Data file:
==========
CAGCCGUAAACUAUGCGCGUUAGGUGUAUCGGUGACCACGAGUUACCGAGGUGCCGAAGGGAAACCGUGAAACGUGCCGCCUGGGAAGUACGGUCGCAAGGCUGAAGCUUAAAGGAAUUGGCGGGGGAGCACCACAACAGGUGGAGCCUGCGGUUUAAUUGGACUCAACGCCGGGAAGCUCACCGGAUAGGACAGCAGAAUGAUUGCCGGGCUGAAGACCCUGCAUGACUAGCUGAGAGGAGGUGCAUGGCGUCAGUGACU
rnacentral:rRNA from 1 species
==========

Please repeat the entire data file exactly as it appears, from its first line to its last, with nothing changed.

CAGCCGUAAACUAUGCGCGUUAGGUGUAUCGGUGACCACGAGUUACCGAGGUGCCGAAGGGAAACCGUGAAACGUGCCGCCUGGGAAGUACGGUCGCAAGGCUGAAGCUUAAAGGAAUUGGCGGGGGAGCACCACAACAGGUGGAGCCUGCGGUUUAAUUGGACUCAACGCCGGGAAGCUCACCGGAUAGGACAGCAGAAUGAUUGCCGGGCUGAAGACCCUGCAUGACUAGCUGAGAGGAGGUGCAUGGCGUCAGUGACU
rnacentral:rRNA from 1 species